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The amended national security law takes effect today

The new version of the law, passed by the legislature nearly two weeks ago, includes tougher penalties and broader categories of offence.

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The new version of the law, passed by the legislature nearly two weeks ago, includes tougher penalties and broader categories of offence.

ARTICLE BY

PUBLISHED

READING TIME

Less than 1 minute Minutes

UPDATED: 21 Dec 2023, 11:32 pm

Macao’s amended national security law takes effect today, a day after it was promulgated in the Official Gazette.

A local government-sponsored bill detailing the amendments was unanimously passed by the Legislative Assembly on May 18. The changes include tougher penalties for sedition, secession and subversion, and wider categories of offence. 

Under the previous version of the law, only acts that violently threatened national security were punishable, but the new terms stipulate that non-violent acts – termed “grave illegal means” – are liable. Subversion against the broader “ruling power of the nation”, instead of simply the central government, has also been criminalised.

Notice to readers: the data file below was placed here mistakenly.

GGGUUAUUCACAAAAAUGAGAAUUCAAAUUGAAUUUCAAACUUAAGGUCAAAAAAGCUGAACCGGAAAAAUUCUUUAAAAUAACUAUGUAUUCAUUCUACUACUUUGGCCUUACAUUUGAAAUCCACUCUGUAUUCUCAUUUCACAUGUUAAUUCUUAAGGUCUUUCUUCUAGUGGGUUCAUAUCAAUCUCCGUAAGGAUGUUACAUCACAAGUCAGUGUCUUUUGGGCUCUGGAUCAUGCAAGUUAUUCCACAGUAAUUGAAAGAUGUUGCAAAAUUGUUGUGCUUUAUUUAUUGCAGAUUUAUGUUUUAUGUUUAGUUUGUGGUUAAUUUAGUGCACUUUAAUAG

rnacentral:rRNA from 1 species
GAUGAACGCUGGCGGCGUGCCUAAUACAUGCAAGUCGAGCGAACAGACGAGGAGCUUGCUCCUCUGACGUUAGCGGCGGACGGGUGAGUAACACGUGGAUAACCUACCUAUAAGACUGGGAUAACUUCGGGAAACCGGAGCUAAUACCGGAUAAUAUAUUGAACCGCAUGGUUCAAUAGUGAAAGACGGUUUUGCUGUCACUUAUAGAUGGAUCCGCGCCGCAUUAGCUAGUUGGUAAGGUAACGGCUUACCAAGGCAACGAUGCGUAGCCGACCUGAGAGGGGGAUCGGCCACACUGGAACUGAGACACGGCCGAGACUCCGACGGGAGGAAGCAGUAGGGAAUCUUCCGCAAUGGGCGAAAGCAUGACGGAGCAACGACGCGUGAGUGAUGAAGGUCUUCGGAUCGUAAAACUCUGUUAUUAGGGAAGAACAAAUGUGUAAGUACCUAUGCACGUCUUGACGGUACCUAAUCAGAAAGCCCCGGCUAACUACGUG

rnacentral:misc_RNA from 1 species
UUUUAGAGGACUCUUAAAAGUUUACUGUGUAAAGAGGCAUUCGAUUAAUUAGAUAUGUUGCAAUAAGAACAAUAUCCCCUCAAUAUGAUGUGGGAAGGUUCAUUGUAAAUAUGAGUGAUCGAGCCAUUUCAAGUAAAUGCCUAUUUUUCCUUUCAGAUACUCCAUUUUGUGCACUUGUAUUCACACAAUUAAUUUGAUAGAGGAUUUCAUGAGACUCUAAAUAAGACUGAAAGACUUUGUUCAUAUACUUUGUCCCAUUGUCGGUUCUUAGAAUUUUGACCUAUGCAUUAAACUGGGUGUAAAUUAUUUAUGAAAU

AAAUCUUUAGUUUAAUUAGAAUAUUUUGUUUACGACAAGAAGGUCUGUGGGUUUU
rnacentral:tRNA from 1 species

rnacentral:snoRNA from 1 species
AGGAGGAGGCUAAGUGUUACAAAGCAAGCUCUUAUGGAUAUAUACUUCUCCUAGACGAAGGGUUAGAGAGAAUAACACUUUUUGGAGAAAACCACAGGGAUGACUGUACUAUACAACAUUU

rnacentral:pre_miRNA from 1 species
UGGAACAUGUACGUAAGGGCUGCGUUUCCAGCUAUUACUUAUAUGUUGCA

[See more: Lawmakers approve amendments to the national security law]

The government has previously said that “the country presently faces new adverse challenges in terms of national security”, and so the amendments are a necessary “step to respond effectively to risks and threats”.

It also describes national security as “a shared obligation of all Chinese people, including Macao people”.

During his recent visit to Macao, Xia Baolong, the director of the Hong Kong and Macao Affairs Office of the State Council, tasked the local government with “defending state security” and “strengthening national identity”.

 

UPDATED: 21 Dec 2023, 11:32 pm

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